New York City FC – Looking good so far
Without question, one of the most challenging endeavours a newly formed professional football club undertakes, among others, is the knack to keep its fan-base eager and optimistic.
Majority shareholder Abu Dhabi based City Football Group’s North American project – New York City F.C will play its first game today against Orlando based – Orlando City.
The club has already embarked on a bittersweet relationship with its growing number of followers, which according to club president, Tom Glick is a good thing.
“It’s a very good sign, … to have this level of passion at this point in our development.” said Tom Glick in a recent interview with NY Times.
But the NYCFC faithful do not see it that way as they went through anxiety from the time the club crest was flaunted to the revelation of a jersey which to a neutral would suggest is the parent Manchester City’s truly sister club ending at the fiasco surrounding the arrival of profoundly publicised Englishman Frank Lampard.
On a whole, the response from the fans has been very positive with the club more than delighted by how much New Yorkers have gotten behind the team. Much of the gratitude should be given to NYCFC’s social media team and relevant supporter groups like Third Rail who have managed to keep the young millennia’s engaged.
Calling the mythical Yankee Stadium home, the club has already surpassed over 14,000 season tickets out of the total allocated seats of 27,528 before it’s maiden season, which signifies the interest placed by football loving New Yorkers on the club.
“We are delighted to see so many New Yorkers getting behind our Club. The momentum is growing every week and we have sold over 1,000 season tickets in the last 3 weeks alone,” said Tom Glick adding, “New York City FC’s 14,000 Founding Members are the foundation of our Club. They’re passionate about this Club and passionate about soccer in New York. We can’t wait to start playing for them.”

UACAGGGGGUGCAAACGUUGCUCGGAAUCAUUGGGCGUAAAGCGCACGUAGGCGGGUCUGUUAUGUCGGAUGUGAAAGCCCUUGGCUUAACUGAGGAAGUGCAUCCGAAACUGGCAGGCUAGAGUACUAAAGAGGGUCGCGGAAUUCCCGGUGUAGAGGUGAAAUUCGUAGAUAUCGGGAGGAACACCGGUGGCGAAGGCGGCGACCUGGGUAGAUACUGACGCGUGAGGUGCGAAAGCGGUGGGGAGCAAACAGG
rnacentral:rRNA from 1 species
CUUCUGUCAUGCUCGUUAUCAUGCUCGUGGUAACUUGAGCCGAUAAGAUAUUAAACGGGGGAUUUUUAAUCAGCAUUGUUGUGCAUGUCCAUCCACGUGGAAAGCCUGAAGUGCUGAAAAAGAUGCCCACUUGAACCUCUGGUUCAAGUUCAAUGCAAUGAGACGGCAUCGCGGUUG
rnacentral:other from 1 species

Excitement is growing to have a world famous stadium as their first home and from previous club friendly that Yankee stadium has hosted, it has proven its credentials as a remarkable football venue. NYCFC nonetheless has the intentions to build their own football-specific stadium within the city, but till that notion comes to fruition, the club is looking forward to sharing it with the Yankees.
In fact, for most of the games, the upper tiers were supposed to remain closed with the purpose of capping the capacity at below 30,000. However, with 25,000 tickets already sold for the home opener against New England Revolution on March 15th and rising ticket demand, tickets would be made available in the 300 level of the stadium for the game.
“We are excited to be making more tickets available as we see such strong demand for our first ever home game. We are extremely pleased that so many New Yorkers want to be part of history and be there as we kick-off in New York City. This is a landmark moment for our Club and for soccer in New York,” said Glick in a statement on the club’s website.
But in a competitive market, which includes prominent sports organisations such as the Giants, Yankees, Rangers, Knicks and a league neighbour in the form of the Red Bulls, the question would remain on whether NYCFC would able to rise above the noise.
As evident the fact of New York City’s attractiveness to the sports industry, it is also one which boasts of a great footballing history dating back to late 1970’s and early 80’s identifying greats like Pele and Franz Beckenbauer who braced the city. Many of the club’s season ticket holders had never had a season ticket before, so there exists a large group of New Yorkers on the lookout for a team to call their own, which many believe has been answered.
Another distinct character that the city was able to bring about within its sporting history is the ability to choose between two, regardless of the sport one would romanticise about. The opportunity to choose always came in two’s – either you were a Yankee or a Mets supporter (MLB), a Giants or a Jets follower (NFL), a Knicks or a Nets fan (NBA) with the only exception being if you were a hockey enthusiast which is when you would choose between NJ based Devils, the Rangers or the Islanders.
But when it came to football, the only major league team the city witnessed is New York Red Bulls who were based in New Jersey, who were earlier named as ‘Metrostars’. Hence, it was only rational to bring about a team in the city that could take a chunk of the 8.4 million people residing in the city.
It wouldn’t be surprising to come across an onslaught of friendly argument within the two fan bases on which club is truly New York-ish, a dispute we are all too familiar with as it seldom takes place in Manchester.